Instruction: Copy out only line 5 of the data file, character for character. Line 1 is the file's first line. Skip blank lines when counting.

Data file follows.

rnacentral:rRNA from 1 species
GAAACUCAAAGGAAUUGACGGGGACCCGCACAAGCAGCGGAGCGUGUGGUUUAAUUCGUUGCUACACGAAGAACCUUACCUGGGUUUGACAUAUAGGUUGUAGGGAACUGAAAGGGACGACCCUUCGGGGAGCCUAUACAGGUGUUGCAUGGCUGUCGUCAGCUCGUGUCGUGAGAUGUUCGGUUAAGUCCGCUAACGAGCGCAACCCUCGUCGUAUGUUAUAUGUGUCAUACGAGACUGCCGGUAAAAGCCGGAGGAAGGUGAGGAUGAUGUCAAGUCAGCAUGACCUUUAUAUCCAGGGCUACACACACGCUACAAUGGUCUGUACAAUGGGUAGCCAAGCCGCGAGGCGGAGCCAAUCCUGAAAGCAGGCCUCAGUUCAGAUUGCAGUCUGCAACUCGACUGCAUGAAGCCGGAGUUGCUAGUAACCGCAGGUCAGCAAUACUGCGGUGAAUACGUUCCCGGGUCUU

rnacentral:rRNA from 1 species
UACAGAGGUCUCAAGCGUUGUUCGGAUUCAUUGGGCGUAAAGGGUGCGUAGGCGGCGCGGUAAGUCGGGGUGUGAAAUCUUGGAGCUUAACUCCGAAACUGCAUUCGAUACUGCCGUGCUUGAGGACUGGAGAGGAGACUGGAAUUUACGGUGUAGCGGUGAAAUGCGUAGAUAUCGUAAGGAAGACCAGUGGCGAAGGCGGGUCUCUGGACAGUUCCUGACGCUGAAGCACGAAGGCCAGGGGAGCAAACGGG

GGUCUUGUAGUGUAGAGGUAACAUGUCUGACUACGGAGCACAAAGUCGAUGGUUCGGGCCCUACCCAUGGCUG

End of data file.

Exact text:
GGUCUUGUAGUGUAGAGGUAACAUGUCUGACUACGGAGCACAAAGUCGAUGGUUCGGGCCCUACCCAUGGCUG